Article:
Hematopoietic stem cells (HSCs) have the unique capacity to regenerate themselves, as well as to generate all the lineages of the blood. The fine balance between renewal and commitment is effortlessly achieved in vivo. Yet how this balance is regulated is one of the most fundamental unsolved problems in biology. Although in the last four decades we have learned a lot about HSCs, ultimately we have remained incapable of recapitulating what they do in vivo. What's missing is a true view of the signals and the interactions that these cells normally experience in their native microenvironment. Here we propose to study how HSC renewal is controlled by the stem cell niche by imaging HSC interactions with the stromal cell microenvironment, and imaging the signals they receive in vivo, under both homeostatic conditions as well as conditions of regeneration and transformation. To this end, we propose to develop a transgenic system in which hematopoietic stem cells are specifically fluorescently labeled and can be detected in vivo. These cells can then be visualized using live imaging technology to visualize cells within the bone marrow niche in living animals. This would allow a dynamic view of the cell-cell interactions, signaling pathways and cell movements that regulate normal HSC function and transformation. Understanding the in vivo signals and interactions that occur during these processes is key to utilizing these signals for expansion of human hematopoietic stem cells for transplantation. In addition, defining how mechanisms of normal growth and division are properly controlled in stem cells may allow us to find ways to correct their dysregulation in cancer. Delineating the basis of stem cell and cancer cell self-renewal in vivo will in the long term, contribute to novel approaches to regenerative medicine and cancer therapy. Public Health Relevance The research proposed here will allow for in vivo monitoring of the signals and niche components that contribute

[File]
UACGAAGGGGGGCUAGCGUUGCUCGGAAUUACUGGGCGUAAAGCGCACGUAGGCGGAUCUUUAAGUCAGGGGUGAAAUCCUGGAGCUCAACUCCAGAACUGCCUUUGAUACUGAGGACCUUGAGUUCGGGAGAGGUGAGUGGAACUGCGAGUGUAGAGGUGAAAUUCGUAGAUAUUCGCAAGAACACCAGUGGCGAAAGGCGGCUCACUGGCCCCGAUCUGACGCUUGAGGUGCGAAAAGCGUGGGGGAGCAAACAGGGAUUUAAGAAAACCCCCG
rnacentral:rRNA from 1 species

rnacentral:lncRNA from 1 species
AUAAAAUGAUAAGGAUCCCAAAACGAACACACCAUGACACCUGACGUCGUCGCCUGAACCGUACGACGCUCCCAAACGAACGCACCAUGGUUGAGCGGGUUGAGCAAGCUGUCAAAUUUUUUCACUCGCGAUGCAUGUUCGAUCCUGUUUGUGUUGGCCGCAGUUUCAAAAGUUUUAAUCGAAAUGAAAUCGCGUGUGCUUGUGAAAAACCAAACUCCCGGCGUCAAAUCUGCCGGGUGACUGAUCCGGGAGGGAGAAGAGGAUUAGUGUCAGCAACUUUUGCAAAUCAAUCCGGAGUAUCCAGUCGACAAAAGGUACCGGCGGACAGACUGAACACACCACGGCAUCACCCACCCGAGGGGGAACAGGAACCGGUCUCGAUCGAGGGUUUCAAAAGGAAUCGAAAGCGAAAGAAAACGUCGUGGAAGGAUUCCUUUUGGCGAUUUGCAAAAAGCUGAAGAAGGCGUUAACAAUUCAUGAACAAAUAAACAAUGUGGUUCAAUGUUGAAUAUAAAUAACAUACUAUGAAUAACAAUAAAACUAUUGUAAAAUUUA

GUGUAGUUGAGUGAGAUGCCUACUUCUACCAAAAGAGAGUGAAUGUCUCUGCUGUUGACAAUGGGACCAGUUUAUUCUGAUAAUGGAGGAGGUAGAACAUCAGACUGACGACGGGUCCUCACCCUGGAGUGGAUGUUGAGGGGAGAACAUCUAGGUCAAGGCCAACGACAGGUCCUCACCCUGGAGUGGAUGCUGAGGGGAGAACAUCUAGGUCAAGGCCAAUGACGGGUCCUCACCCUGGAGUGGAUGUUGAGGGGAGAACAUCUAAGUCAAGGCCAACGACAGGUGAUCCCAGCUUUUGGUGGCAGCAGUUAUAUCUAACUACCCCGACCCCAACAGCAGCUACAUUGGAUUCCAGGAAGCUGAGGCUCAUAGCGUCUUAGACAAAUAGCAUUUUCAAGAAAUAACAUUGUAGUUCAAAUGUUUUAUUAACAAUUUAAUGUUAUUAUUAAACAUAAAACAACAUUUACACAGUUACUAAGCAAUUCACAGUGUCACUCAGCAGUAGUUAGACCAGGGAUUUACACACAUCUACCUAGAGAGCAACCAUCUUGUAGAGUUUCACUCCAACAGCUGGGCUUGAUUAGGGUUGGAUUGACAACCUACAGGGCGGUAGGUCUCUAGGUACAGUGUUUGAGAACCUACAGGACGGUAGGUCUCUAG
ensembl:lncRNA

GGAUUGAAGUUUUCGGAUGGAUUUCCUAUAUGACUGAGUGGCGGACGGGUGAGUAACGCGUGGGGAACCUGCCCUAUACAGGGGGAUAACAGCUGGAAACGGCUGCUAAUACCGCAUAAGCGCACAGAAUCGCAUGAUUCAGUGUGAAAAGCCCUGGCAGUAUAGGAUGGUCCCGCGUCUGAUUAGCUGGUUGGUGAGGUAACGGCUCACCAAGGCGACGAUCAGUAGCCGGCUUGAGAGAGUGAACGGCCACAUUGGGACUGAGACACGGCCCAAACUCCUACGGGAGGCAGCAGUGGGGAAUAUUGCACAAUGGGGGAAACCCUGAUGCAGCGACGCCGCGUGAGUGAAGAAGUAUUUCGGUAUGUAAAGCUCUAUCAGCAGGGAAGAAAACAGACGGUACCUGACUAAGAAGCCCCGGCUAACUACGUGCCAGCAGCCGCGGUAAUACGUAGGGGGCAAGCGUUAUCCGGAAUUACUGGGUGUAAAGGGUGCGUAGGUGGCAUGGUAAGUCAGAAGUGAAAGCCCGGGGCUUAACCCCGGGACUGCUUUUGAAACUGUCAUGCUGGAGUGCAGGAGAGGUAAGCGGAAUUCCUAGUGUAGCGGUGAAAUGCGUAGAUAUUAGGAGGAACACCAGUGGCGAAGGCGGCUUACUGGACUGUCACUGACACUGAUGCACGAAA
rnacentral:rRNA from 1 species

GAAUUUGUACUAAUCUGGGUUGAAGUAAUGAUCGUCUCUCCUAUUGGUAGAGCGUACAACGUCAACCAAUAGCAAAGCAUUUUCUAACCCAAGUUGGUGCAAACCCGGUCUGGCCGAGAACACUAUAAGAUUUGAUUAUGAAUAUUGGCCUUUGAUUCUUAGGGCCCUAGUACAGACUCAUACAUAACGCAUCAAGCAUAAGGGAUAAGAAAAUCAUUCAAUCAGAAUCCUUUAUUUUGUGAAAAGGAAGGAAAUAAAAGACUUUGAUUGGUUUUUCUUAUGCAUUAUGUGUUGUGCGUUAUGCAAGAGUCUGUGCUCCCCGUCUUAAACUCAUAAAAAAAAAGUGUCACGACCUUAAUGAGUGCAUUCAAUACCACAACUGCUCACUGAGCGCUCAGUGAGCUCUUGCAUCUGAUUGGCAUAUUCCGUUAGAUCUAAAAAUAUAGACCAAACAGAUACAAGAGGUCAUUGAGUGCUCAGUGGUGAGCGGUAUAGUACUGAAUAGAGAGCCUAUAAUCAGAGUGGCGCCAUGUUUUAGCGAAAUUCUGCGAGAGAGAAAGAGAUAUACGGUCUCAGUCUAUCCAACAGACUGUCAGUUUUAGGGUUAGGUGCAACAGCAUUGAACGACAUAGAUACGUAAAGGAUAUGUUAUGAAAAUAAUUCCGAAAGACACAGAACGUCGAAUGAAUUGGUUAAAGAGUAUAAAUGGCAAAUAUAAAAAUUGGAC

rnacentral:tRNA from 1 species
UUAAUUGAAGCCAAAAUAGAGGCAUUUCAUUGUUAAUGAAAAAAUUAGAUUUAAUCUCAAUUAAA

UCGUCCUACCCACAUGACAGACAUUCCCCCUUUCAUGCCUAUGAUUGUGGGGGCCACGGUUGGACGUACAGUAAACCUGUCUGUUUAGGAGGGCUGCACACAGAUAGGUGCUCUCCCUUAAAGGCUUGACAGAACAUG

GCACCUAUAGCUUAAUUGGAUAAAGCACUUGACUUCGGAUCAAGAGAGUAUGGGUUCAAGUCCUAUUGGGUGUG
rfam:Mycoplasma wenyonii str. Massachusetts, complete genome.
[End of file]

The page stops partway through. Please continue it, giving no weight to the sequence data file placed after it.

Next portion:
National Institute of Health (NIH)
National Cancer Institute (NCI)
NIH Director’s Pioneer Award (NDPA) (DP1)
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Special Emphasis Panel (ZGM1-NDPA-B (02))
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Howcroft, Thomas K
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University of California San Diego
Schools of Medicine
La Jolla
United States
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